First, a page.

Coffee may help to prevent depressionRisk reduced by drinking two to three cups a day
Women who drink two or more cups of coffee a day are less likely to get depressed, a study suggests.
Drinking coffee daily reduced a woman's risk of developing depression by 15 per cent, researchers at Harvard School of Public Health found.
Those who drank four or more cups a day cut their risk of depression even further, by a fifth.
Previous research had suggested that coffee drinking may lower the risk of depression in men, but the results were not conclusive.
The researchers decided to investigate this further by looking at coffee consumption and the risk of depression in women, as they are twice as likely as men to develop the condition in their lifetime.
The researchers studied the health of more than 50,000 nurses, average age 63, for nearly 10 years. All the women completed lifestyle questionnaires, which included questions on coffee consumption. None of the women were depressed at the start of the study in 1996.
During the study period, 2607 women developed clinical depression, requiring medication.
Women who drank two to three cups of coffee a day had a 15 per cent decreased risk of developing depression, compared with women who drank one cup of coffee or less per week, the study found.
Those who drunk four cups or more per day had a 20 per cent decreased risk, compared with women who drunk one cup of coffee or less per week.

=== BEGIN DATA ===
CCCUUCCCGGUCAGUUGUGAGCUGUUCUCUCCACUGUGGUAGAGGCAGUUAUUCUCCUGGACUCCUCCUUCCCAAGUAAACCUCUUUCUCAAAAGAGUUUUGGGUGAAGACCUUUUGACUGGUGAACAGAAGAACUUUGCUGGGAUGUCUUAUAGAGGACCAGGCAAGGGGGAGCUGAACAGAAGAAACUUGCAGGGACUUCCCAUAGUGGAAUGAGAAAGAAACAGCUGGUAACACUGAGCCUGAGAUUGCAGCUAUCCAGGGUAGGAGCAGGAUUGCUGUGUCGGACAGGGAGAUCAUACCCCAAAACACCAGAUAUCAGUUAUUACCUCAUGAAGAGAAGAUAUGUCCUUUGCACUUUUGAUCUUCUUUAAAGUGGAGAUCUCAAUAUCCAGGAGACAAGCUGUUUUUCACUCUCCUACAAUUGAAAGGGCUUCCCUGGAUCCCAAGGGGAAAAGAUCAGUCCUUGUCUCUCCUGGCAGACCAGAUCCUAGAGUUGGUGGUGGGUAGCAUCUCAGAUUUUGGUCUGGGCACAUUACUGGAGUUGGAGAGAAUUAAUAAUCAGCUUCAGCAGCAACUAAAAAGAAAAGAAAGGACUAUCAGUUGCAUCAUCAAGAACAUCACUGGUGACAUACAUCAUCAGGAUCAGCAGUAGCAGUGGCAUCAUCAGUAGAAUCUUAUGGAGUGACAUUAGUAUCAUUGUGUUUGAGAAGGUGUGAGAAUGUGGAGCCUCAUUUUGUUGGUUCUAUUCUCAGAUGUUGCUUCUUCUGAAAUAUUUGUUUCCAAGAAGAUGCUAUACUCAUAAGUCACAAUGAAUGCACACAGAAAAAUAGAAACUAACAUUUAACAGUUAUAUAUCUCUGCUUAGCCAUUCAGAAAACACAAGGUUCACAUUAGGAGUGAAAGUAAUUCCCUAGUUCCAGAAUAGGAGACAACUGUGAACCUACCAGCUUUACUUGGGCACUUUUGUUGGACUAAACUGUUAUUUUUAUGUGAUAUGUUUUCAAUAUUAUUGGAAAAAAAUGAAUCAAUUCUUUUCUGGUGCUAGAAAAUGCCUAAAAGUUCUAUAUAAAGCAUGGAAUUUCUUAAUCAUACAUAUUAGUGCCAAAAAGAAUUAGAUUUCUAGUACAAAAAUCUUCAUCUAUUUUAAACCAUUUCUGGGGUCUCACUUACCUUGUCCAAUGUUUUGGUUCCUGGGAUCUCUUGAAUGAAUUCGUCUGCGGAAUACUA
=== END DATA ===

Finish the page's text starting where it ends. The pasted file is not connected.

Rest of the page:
No link was found between decaffeinated coffee consumption and the risk of depression, the researchers said, suggesting that caffeine may be behind the protective effect.
However, they also pointed out that the study findings "cannot prove that caffeine or caffeinated coffee reduces the risk of depression, but only suggests the possibility of such a protective effect."
In the Archives of Internal Medicine journal, the researchers wrote: "In this large prospective cohort of older women free of clinical depression or severe depressive symptoms at baseline, risk of depression decreased in a dose-dependent manner with increasing consumption of caffeinated coffee.
"Further investigations are needed to confirm this finding and to determine whether usual caffeinated coffee consumption may contribute to prevention or treatment of depression."
This article was published on Tue 27 September 2011
Image © Yuri Arcurs - Fotolia.com
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